Allan Nairn challenges Indonesian military to follow up military threats to prosecute him for his report on Kopassus killings in Aceh. He wrote on his blog:
In response to my report revealing their assassinations of political activists (see posting of March 21, 2010), the US-backed Indonesian armed forces (TNI) are threatening to have me arrested, presumably on criminal defamation charges. (See Markus Junianto Sihaloho & Nurdin Hasan , Jakarta Globe, "Indonesian Military Threatens Legal Action Over Aceh Party Killings Claims.")...Criminal defamation laws have often been used in an attempt to silence criticism of Indonesian officials. A recent example is the filing of defamation charges against Usman Hamid of KontraS in September 2009 on a complaint by retired general Muchdi Purwopranjono, accused in the murder of human rights lawyer Munir.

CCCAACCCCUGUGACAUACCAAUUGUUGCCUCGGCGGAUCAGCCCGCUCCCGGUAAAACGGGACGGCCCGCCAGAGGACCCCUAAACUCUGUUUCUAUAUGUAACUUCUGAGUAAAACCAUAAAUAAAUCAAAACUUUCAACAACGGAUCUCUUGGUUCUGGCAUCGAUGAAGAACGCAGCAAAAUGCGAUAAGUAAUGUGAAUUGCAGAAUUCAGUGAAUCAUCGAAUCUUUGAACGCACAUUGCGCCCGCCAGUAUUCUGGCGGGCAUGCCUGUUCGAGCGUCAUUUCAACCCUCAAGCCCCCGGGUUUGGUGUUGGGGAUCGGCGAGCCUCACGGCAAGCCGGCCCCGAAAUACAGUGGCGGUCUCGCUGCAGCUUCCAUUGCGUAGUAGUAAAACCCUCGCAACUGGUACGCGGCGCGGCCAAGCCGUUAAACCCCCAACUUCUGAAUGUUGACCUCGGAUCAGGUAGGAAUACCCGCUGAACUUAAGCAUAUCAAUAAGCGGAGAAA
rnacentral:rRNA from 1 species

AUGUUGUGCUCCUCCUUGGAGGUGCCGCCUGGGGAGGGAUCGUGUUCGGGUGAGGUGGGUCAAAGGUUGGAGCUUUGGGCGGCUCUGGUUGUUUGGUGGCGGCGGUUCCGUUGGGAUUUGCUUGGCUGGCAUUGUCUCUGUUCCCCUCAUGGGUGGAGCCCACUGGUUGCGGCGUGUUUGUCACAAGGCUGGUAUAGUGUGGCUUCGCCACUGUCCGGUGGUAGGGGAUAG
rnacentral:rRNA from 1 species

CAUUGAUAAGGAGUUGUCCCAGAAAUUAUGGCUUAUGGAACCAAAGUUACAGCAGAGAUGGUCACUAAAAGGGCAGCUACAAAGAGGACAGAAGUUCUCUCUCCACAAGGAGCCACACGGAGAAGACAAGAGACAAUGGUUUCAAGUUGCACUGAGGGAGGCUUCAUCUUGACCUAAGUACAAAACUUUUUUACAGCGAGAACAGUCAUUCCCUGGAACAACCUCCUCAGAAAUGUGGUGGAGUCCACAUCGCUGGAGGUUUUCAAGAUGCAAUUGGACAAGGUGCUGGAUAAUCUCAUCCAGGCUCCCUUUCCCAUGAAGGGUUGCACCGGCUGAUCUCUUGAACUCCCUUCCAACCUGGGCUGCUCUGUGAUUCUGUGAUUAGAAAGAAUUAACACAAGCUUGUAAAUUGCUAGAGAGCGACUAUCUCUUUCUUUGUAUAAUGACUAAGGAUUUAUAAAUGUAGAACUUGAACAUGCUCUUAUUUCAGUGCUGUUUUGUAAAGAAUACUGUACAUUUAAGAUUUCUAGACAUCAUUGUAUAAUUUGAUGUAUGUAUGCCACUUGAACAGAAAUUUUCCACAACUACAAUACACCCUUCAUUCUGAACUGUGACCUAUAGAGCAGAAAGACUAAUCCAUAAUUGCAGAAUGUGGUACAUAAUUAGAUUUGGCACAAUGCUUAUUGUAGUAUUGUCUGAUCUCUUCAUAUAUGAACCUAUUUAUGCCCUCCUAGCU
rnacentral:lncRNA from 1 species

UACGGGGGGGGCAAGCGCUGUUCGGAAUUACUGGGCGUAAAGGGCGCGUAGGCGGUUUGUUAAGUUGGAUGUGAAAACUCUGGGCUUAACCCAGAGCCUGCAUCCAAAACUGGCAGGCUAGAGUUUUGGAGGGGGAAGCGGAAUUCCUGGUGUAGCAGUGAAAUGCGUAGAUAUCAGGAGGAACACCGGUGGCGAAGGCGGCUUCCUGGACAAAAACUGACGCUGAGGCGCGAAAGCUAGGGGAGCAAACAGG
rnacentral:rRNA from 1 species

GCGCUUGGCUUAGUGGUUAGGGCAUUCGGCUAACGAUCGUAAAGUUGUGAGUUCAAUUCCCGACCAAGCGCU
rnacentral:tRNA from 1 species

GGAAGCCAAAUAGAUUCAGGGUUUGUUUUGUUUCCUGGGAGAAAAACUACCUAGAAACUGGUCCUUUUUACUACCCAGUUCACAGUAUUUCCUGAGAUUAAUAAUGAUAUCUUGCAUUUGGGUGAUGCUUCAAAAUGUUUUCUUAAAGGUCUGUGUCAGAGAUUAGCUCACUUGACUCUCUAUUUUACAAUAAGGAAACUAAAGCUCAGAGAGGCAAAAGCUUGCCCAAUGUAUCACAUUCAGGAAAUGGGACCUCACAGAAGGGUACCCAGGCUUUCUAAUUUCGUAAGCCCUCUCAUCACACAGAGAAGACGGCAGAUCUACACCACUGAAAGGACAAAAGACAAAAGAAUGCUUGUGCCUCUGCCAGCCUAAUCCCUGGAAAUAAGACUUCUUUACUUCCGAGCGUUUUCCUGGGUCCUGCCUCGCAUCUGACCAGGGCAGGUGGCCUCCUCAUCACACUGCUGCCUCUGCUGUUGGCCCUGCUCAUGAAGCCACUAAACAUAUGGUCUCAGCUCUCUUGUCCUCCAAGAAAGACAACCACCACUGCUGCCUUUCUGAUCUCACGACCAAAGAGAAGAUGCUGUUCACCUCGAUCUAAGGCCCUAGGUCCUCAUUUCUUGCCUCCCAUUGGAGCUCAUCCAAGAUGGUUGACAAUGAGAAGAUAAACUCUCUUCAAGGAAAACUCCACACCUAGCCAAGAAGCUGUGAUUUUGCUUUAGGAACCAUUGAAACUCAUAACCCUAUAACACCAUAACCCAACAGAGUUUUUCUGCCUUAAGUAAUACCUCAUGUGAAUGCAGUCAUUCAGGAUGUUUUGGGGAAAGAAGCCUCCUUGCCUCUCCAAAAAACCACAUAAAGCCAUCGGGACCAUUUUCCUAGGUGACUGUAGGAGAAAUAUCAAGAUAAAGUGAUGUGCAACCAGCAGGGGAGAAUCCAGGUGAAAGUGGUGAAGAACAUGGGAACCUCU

I will be glad to stand in court before the Indonesian public and detail TNI's role in numerous tortures, disappearances, massacres and assassinations.
I would welcome the opportunity to enter a formal, public legal proceeding which would afford the opportunity to question TNI Generals under oath.
If given such a chance I would also attempt to call US personnel as witnesses, and question US military, CIA, State Department, and White House officials about their support for TNI. I would ask these Americans why they have given weapons, training and money to TNI, even as they have seen that force repeatedly kill civilians.
Under Indonesia's criminal code, conviction for defamation of a public official carries a maximum sentence of 5 years and fines. Various other laws incorporate defamation. The Law on Information and Electronic Transactions, passed in 2008, calls for a penalty up to 6 years and a fine up to one billion rupiah. In Indonesia, those of accused of crimes with penalties longer then 5 years are denied bail.